Anderson would be the first to admit that his was not a likely success story. Raised in a poor family and graduating at the very bottom of his class, dealing with attention deficit disorder and the beliefs of others that such obstacles would prevent him from achieving anything substantial in life, he turned his weaknesses into strengths and recognized that he was the only one who could work to make his dreams happen.
This was a practical demonstration of his core message to never let your problems become your excuses. “It doesn’t matter where you come from or where you’ve been in life, with determination and drive you can overcome anything,” Anderson said. “We are meant to struggle because success only comes through such struggle.”
As an illustration of this message, Anderson told the Native American creation story of the eagle and the clam. The Creator told the clam that all he had to do to eat was to just open his shell; being placed on the ocean floor, he was safe and secure when the storms came.
The eagle, however, was given strength as the storms would beat on his nest and he would need to work and struggle to obtain food. The eagle was meant to soar, just like we are, and — while no one likes problems and adversity — by working through them we become stronger and achieve the change we want.
Anderson said that while most people believe that change is something that either just happens or happens “out there,” he advised that change is really the result of someone working through adversity to make it happen for themselves and committing to constant learning.
His own life serves as a prime example of such a philosophy, as is indicated not just by the unlikely success of his restaurant chain but the fact that the low-performing “goof-off” high school student obtained a master’s degree from Harvard University in Cambridge, Mass., at the age of 36 and continues his learning by reading four newspapers per day, and four books and 50 to 60 magazines per month.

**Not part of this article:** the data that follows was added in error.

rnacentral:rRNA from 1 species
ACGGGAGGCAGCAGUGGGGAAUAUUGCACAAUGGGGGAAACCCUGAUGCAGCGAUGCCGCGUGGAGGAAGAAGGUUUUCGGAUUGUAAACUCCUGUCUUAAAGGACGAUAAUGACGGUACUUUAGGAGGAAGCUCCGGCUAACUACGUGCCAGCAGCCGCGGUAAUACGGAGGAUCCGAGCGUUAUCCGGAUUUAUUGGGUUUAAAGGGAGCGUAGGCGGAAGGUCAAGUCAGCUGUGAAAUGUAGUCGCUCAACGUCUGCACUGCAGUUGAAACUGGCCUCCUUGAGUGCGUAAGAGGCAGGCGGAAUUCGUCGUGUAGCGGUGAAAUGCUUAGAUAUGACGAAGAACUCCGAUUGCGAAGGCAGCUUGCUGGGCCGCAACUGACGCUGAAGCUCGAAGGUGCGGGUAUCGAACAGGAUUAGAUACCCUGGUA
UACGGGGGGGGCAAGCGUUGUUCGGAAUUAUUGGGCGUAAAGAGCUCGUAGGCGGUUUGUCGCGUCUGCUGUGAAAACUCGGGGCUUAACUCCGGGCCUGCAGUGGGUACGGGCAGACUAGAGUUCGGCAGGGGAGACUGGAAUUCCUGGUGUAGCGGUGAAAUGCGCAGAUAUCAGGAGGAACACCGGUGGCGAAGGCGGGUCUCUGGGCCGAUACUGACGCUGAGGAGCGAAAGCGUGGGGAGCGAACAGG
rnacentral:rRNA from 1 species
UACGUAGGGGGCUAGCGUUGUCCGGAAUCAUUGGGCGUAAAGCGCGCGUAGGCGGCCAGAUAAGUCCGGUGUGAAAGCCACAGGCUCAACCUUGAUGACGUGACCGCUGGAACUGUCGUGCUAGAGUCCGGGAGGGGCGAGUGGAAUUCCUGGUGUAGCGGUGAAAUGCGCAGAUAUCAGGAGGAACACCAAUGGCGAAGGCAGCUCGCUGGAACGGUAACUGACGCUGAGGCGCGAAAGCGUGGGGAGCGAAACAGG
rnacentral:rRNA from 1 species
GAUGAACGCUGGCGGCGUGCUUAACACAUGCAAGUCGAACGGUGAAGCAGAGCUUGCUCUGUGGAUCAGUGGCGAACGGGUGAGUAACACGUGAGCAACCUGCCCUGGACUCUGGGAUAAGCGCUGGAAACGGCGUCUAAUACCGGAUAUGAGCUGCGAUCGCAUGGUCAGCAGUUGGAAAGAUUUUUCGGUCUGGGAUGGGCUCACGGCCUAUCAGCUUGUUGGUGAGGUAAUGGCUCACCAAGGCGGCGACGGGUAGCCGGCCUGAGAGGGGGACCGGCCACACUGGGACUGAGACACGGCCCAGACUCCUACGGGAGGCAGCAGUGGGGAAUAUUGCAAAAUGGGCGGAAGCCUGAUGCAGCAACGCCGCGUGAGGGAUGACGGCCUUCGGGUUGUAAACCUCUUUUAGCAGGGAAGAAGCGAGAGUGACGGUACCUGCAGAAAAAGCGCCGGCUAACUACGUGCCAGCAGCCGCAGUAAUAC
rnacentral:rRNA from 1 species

And when the recession of 2008 hit, affecting his restaurants, he worked through it by meeting with his employees and telling them to take ownership of the problem by thinking “my economy” instead of “the economy,” thereby personalizing it and working harder to overcome it.
Working hard to overcome adversity has been a main theme of his life as well. By Anderson’s own admission he “should have been dead three times” from substance abuse and has declared bankruptcy twice. But he lived his own philosophy of not allowing his problems to become his excuses.
Anderson made clear that profit is not just about what you do for yourself, but learning how to create value to make the lives of others better, and giving more than is expected. He has given more than $6 million to assist his people and will continue to do so.
Anderson’s motivational messages can also be found in his books, including “Life Skills for Success,” and can be summed up as follows: Circumstances don’t dictate your future so take responsibility for your own life as you have control over your attitude and actions; there are no excuses; and you have everything you need in life to succeed, it is up to you.
(Contact Lisa Lynott-Carroll at firstname.lastname@example.org)